Sharon Millar

 

White Creole Conversations Menu

We still remain mysteries to ourselves.” - Caroline Myss

APPETISERS

1. State your name, age and profession.

Sharon Millar, 50, writer.

 

2. How do you define yourself in terms of race, class and nationality? Do you identify with the term ‘white Creole’? How far back can you trace your family on maternal/paternal lines?

I am a white Trinidadian. I can trace my roots in the Caribbean to the 17th century. I come from English, Portuguese, French, and Scottish ancestry. I consider myself a white West Indian or a white creole. I do not consider myself a French Creole even though that is the termed coined by larger Trinidad to identify all whites.

 

3. Do you find yourself thinking about whiteness or race in general? Why/why not?

Every day. As a member of the white minority, it’s impossible to be anonymous. As a white woman it’s impossible to move under the radar, to fade into the background. It’s often raised with me. My race. My privilege. There is a lot of hate. And there is really no comeback is there? It will take decades to recover from slavery and the whites are going to be villianized for a long time to come. There is need for atonement but it’s hard to know where to start.

This makes me worry for my daughter and her future here. Racially Trinidad is split largely between Indo and Afro Trinidadians. But there are minority groups of Chinese, Whites, Syrians, and more recently, Venezuelans. But, culturally, I think it’s fair to say that we are still largely Afrocentric. To enter the artistic cultural sphere, there is considerable pressure to demonize anything “white”. I experienced this at school and certainly in day-to-day life. Interestingly foreign whites are generally embraced but local whites tend to be perceived as stupid or culturally bankrupt. Were I to speak with an English accent, I think it would be a lot easier to be accepted in the larger community. I think it’s because foreign whites are not seen as having a history here and therefore not culpable.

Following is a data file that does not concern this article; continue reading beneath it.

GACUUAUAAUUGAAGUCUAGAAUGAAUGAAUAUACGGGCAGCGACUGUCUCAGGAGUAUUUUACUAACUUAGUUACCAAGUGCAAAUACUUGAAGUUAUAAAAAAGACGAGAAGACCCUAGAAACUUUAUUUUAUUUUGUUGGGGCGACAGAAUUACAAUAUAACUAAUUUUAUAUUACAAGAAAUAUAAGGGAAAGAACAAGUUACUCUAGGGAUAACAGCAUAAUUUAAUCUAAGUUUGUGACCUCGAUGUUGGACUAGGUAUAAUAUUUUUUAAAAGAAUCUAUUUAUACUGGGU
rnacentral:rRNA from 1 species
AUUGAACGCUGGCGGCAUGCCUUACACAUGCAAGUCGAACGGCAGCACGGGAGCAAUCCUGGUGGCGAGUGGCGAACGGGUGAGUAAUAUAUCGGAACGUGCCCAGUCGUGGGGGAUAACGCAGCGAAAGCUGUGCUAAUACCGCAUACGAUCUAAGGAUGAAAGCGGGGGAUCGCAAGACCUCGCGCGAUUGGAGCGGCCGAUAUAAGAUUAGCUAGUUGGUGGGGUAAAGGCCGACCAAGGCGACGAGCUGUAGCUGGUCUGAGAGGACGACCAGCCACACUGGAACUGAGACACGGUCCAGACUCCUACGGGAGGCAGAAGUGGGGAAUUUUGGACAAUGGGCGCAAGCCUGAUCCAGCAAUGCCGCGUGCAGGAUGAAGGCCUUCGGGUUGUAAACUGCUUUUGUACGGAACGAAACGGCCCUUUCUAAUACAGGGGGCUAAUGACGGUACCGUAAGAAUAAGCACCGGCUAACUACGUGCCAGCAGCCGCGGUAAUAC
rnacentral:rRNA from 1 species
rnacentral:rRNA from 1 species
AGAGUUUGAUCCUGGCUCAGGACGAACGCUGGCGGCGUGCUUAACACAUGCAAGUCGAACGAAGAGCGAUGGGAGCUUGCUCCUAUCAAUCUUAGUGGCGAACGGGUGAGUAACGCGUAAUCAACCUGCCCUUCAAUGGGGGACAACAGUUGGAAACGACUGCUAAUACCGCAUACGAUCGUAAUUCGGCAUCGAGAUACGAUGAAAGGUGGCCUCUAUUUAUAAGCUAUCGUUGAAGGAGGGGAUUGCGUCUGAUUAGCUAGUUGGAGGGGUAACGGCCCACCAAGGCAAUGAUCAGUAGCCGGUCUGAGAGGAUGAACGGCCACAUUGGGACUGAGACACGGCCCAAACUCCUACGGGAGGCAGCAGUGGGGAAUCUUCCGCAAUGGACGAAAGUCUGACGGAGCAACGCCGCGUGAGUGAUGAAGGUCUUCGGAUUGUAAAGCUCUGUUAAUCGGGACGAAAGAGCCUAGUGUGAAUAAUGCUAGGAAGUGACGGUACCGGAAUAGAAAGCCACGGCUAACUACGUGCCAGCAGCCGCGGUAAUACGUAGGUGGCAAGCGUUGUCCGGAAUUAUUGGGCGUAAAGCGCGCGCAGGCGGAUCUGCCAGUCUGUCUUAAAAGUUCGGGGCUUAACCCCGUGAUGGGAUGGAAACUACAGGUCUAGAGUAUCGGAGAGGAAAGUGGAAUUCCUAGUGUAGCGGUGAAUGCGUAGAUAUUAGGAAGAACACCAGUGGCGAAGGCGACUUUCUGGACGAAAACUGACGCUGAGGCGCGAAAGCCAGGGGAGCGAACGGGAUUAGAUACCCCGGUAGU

4. Can you talk about what it feels like to live as a white person in the Caribbean? Would you say that your local space operates as a racially ordered society, constituted by segments of society that have little or no organic inter-relation or is it an integrated space? Or, is it simultaneously both but in different areas of your life?

Superficially Trinidad has always been held up as a “rainbow” country and there is considerable tolerance but there are also hidden prejudices that run deep. Sadly social media has made the race issue far more volatile. It has exposed a very ugly side of Trinidad. It can be a very duplicitous society. You know the expression – not every skin teeth is a smile? Saying that as the middle class develops and expands we are moving more into integration around class rather than colour. This is even more apparent in the generation just coming up.

 

5. What did your primary school experience look and feel like racially?

 

Very racially mixed. I went to a Roman Catholic primary school up until Primary 3 and then I was moved to a more upscale non-denominational school because there was a lot of corporal punishment at the RC school. I don’t remember race being too big a deal. People liked to play with my hair. That’s what being white stood for – having dolly hair.

 

6. What did your secondary and/or tertiary level experience look and feel like in racial terms? Do you remember anything about the way history was taught and how that teaching felt in relation to your whiteness?

We were taught Caribbean history. Slavery and Emancipation. It was hard to sit in the classroom as one of two or three whites and study the atrocities of slavery. There was a lot of reverse racism but it’s still not politically correct to admit that even today.

 

Nothing, I think, is more interesting, more poignant, and more difficult to seize than the intersection of the self and history. Where does biography end and history begin? How does one’s own memories and experiences relate to what is written in the history books?” Linda Nochlin - The Power of Feminist Art